Columnist Claire Morenon: Valley farms in their teenage years at a critical juncture

The Daily Hampshire Gazette, February 25, 2020

In the farming world, there’s a lot of focus on two groups: family farms that have been sustained and adapted through generations, and fledgling farms that are just getting started.

But here in the Valley, there are a number of farms that are somewhere in between the two — they’re first-generation farms and still new in the context of agricultural businesses, but they are no longer beginners, having been at it for over a decade.

These farmers have overcome serious hurdles: a limited and costly land base, a steep learning curve on everything from crop management to building markets, and a competitive and changing marketplace. Many of them are managing heavy debt loads and a sense that the future is both promising and full of unknowable challenges.

Sarah Voiland, who owns Red Fire Farm in Granby and Montague with her husband, Ryan, spoke to the unique position her business is in after nearly 20 years in operation: “When you don’t start out with land or infrastructure, it’s quite an effort to find good land and the equipment you need, and to set up all your systems. It’s taken us years to set up our packing facility just so, and get our land in better shape, and add solar panels and our geothermal system — it’s just so much effort. Once you have it all working well, that’s a beautiful thing, and it takes a lot of creativity and learning and effort.”

Many of the most visibly innovative farm businesses in our region are these farms in their teenage years. Farmers who are 10-plus years in are still figuring things out and willing to experiment, but they’re established enough that they have the staff, capital, land and other resources to launch new projects.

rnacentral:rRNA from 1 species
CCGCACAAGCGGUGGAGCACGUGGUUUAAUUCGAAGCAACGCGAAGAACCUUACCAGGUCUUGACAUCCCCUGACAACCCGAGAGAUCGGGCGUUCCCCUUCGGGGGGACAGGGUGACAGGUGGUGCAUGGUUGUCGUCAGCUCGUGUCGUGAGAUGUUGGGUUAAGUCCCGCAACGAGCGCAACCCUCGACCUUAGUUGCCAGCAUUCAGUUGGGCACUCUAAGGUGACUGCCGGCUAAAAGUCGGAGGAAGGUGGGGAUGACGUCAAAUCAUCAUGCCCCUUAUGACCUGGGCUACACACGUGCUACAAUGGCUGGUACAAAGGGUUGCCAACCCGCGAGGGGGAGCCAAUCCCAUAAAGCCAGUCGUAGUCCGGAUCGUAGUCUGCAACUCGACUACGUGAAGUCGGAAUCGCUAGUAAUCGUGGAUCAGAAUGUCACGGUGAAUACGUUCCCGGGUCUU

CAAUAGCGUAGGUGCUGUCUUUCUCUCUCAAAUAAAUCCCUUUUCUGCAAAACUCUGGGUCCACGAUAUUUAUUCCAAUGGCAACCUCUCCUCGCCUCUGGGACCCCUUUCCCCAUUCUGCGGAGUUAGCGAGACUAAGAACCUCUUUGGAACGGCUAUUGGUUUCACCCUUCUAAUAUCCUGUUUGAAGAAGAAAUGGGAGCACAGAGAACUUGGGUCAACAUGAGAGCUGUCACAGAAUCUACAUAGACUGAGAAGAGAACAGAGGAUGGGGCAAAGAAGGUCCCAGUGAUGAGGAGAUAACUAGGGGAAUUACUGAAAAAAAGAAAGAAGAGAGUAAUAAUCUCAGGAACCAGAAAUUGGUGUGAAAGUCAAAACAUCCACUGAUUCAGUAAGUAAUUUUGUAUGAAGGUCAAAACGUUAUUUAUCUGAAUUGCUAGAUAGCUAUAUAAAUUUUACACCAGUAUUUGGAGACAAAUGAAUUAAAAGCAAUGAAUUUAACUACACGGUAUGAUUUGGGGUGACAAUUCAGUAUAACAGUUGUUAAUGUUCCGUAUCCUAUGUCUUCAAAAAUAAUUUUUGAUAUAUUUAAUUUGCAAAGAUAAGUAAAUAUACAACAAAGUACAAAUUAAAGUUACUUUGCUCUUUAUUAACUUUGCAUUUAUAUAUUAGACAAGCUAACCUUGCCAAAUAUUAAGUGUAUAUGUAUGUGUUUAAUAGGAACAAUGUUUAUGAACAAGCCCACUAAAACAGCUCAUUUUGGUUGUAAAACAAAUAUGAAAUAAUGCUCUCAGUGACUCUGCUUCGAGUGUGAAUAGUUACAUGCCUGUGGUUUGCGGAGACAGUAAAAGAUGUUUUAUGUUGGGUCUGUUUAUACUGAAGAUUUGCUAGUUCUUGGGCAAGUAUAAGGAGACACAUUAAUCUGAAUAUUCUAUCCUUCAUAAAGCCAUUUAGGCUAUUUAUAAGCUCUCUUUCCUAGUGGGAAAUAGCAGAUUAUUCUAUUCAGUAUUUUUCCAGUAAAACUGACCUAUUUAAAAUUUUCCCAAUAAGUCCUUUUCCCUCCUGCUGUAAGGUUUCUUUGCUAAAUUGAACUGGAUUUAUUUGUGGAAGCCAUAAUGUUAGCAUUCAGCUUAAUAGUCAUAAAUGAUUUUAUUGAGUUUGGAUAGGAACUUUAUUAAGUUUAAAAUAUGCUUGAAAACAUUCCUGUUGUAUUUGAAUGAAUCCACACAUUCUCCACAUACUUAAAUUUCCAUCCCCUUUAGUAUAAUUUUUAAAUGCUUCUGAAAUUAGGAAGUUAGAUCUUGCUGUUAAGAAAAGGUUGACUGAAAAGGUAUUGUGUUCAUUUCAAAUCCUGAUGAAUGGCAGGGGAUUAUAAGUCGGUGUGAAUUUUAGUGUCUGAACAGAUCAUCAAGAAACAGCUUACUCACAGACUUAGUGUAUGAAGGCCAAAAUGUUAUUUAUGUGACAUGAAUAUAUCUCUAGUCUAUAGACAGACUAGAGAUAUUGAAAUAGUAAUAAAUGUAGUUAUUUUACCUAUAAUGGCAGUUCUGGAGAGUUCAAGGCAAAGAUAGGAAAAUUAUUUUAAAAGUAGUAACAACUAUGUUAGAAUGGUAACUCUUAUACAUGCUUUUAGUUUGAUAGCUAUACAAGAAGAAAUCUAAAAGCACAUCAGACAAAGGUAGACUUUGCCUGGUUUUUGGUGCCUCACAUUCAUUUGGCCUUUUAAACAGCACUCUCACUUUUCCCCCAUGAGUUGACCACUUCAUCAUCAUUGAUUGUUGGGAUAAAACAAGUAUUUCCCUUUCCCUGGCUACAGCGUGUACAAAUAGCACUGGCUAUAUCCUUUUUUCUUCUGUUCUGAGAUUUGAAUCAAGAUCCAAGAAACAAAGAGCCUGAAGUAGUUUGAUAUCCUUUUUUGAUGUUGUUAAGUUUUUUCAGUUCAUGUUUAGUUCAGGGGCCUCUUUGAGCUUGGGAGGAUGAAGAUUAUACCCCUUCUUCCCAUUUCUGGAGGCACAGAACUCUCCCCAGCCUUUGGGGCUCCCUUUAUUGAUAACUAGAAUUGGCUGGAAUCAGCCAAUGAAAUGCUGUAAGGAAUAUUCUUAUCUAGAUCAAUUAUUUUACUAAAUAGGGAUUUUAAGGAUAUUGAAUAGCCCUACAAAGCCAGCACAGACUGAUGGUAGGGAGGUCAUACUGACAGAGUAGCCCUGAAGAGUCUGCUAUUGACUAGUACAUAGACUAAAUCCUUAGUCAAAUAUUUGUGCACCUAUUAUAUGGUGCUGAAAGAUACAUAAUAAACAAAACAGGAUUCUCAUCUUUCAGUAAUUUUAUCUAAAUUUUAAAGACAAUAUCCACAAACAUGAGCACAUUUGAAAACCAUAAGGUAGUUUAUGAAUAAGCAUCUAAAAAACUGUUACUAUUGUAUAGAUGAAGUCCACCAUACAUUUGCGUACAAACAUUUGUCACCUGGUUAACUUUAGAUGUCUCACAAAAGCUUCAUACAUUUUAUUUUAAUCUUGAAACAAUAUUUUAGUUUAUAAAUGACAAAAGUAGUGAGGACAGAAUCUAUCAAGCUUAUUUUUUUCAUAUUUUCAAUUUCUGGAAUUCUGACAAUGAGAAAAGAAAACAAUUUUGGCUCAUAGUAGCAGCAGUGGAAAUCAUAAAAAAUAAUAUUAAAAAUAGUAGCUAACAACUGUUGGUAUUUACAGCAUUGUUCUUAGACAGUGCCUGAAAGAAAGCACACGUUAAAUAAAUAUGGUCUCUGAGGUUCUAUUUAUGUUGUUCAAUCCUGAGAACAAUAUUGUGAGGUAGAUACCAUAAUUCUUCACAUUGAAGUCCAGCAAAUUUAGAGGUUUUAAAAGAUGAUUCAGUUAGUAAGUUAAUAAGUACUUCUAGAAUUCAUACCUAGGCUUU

Caroline Pam and Tim Wilcox, who established Kitchen Garden Farm in 2006, have implemented a major change in their business pretty much every year that they’ve been in operation. At the beginning, they sold their vegetables at farmers’ markets and through a farm share program. Today, they focus on selling wholesale. In 2013, they added a line of farm-grown sriracha and salsas, and last year they opened an on-farm commercial kitchen.

Caroline says, “We’re still evolving, innovating, still responding to the rapidly-changing marketplace. We’re all in, because we’ve taken on a lot of debt at this point, and we need to continue to strategize for the long term. Early on, direct sales seemed to be the answer for small farms. As that market matured and farms like ours adapted to meet that demand, it shifted so that that there was more demand from grocers and resellers, and we tried to stay ahead of that curve by setting up our business for wholesale. Now, because our business is so labor-intensive — we’re organic and grow such a range of crops — our costs continue to rise, but the price point for what we’re selling hasn’t gone up. So, we’ve been thinking about what’s next, and how we can stay ahead of the curve.”

Some farms continue to mature and change, even as farm ownership shifts. Meghan Arquin and Rob Lynch took over Riverland Farm, an established CSA farm in Sunderland, in 2007. Over the following 13 years, they expanded their land base from approximately 10 to 45 acres, and grew from a small CSA to a much bigger operation that ran year-round and also sold produce wholesale.

Rob and Meghan further refined their business model in 2017 by ending the summer CSA and focusing on their growing wholesale business — but they were starting to wonder whether the farm was the right path for their family. This winter, Rob and Meghan announced that Emily Landek, who has worked on the farm since 2016, will take over the business, and Meghan will stay on as operations manager.

Meghan says, “Farming is really mentally draining, and that model of running the business together and raising a family wasn’t working for us. It’s hard to come to terms with having built something up, realizing that one of us really wants to step away from the farm, and figuring out what that means for the future. We’re still going through this transition, but mostly what I feel is happy that the farm has a new life, and here’s the third “generation” to be taking it over and continuing its legacy.”

These maturing farms are at a critical juncture — they have put in the work and built the equity to be positioned for decades of success, but they maintain many of the vulnerabilities of beginning farms. Ultimately, though, they need what all farms need: to keep a close eye on the bottom line, a willingness to continue to adapt, technical assistance, and a community that is committed to keeping them going.

Claire Morenon is communications manager at CISA (Community Involved in Sustaining Agriculture).